If you suffer with any type of acne, life can feel stressful. But until you know what kind you are dealing with, chances are you won’t be able to treat it correctly for the best results.
Acne is often used as an umbrella term to describe almost any bump or blemish that can occur on your skin. But it’s important to recognise that the lumps, bumps and textured skin you’re experiencing might not be due to common bacterial acne (acne vulgaris), but rather a multitude of skin concerns, each with their own different etiology.
Once you recognise there could be varying causes of your bumpy skin, you’ll understand it can’t always be a one-size-fits-all approach when it comes to treatment. You’ll therefore be able to tailor your skin concerns to the issue at hand much more easily.
How to treat acne at home
Here are the most common types of acne, along with how best to treat them:
This is common bacterial acne, which often occurs when excess oil traps dirt, bacteria (Propionibacterium acnes) and dead skin cells within the follicles.
When we talk about acne as experts, we’re often referring to acne vulgaris.
You can manage this acne with traditional antibacterial agents such as benzoyl peroxide, as well as ingredients to manage excess oil (salicylic acid) and dead skin cells (glycolic acid).
This occurs when your follicles become inflamed with ‘Fungus Malassezia,’ instead of the bacteria that causes traditional acne.
Fungal acne differs from traditional bacterial acne as the spots are often smaller, don’t vary in size and are clustered together. Whilst oily skin is also a factor in fungal acne, it can be exacerbated by excess sweat and antibiotic use.
If you’ve noticed spots that might be fungal, you can attempt to reduce them by using an ‘anti-dandruff’ shampoo. Whilst this may sound unusual, the ketoconazole in the shampoo can target fungal spores.
In addition to this, you can use ingredients like salicylic acid and retinol to help target excess oil and promote skin cell renewal.
Acne Mechanica occurs when a particular fabric or material gets pressed or rubbed onto the skin for a prolonged period of time. The friction from the material eventually leads to microtrauma, which provides a route of entry for bacteria into your damaged skin barrier.
Many of us who wore masks during the coronavirus outbreaks remember all too well the acne associated with the coverings (maskne). The combination of a broken barrier, with a warm moist environment underneath the mask creates a perfect breeding ground for bacterial to grow and cause breakouts.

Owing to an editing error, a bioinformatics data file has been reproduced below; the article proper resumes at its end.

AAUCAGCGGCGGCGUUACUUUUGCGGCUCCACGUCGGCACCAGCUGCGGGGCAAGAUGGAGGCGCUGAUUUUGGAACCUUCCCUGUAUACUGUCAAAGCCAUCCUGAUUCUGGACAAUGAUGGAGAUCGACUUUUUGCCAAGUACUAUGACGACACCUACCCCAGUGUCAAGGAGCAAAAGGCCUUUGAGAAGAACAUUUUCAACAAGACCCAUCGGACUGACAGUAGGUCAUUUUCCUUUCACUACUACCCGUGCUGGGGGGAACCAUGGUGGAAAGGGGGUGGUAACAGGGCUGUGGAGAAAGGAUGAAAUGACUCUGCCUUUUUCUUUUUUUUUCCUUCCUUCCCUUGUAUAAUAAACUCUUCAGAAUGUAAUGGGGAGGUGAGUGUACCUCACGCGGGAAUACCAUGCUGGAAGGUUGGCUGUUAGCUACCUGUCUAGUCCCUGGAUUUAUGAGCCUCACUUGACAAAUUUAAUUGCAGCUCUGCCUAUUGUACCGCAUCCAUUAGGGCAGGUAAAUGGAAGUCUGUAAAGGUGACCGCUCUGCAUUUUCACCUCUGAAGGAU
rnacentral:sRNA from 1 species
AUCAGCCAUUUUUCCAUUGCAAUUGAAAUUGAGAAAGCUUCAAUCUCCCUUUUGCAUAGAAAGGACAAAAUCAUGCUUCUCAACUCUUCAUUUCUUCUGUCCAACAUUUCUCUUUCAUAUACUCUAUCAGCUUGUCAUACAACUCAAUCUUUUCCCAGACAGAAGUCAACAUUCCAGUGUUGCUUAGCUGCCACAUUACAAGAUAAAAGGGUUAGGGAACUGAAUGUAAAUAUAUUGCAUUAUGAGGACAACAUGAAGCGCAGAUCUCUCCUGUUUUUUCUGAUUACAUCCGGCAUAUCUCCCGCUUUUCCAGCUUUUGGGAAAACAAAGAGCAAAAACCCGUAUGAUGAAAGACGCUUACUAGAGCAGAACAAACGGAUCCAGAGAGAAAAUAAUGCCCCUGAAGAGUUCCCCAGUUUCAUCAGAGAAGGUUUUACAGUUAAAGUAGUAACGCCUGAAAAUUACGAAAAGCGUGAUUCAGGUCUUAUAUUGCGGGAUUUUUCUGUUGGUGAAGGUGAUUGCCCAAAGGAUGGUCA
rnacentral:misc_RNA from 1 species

But it’s not just masks that can cause Acne Mechanica; it can also occur due to headbands, tight headscarves and sports gear.
To manage the condition, the primary incentive is of course to prevent materials causing friction onto the skin, but to also use barrier-boosting ingredients such as niacinamide, ceramides and hyaluronic acid.
Lastly, you can reduce bacterial entry and transfer to the skin by washing fabrics regularly or changing the material.
Acne Cosmetica occurs when your makeup, serums, moisturisers or hair products seep onto your skin and cause irritation. It could be caused by a combination of problematic (too strong) ingredients, expired skincare or just the wrong products for your skin type.
The best way to manage this type of acne is to be vigilant and constantly assess how each product is causing your skin to react, looking out for any signs of inflammation (redness, swelling, warmth and irritation).
Keep a close eye on how long you’ve had your products for and which ones you are using in tangent. Always remember you don’t have to use powerful actives every night and you can instead choose to use methods such as ‘skin cycling’ to give your skin periods of rest and recovery.
Acne Conglobata is rather rare but incredibly severe as a form of acne. It occurs when large, deep inflammatory nodules and cysts coalesce together to form tunnels of pus and hardened plugs underneath the skin.
This type of acne can leave behind serious, even disfiguring side effects such as scarring and deep pigmentation. If you’re noticing even mild nodulocystic acne, this is enough to promote a referral to the dermatologist for consideration of Roaccutane. It’s best not to tackle this type of acne yourself at home, and to bring the professionals in.
To conclude, whilst there are some ingredients that work for almost all types of acne, it’s important to ascertain the particular cause of your acne so that you have the best chance at managing it.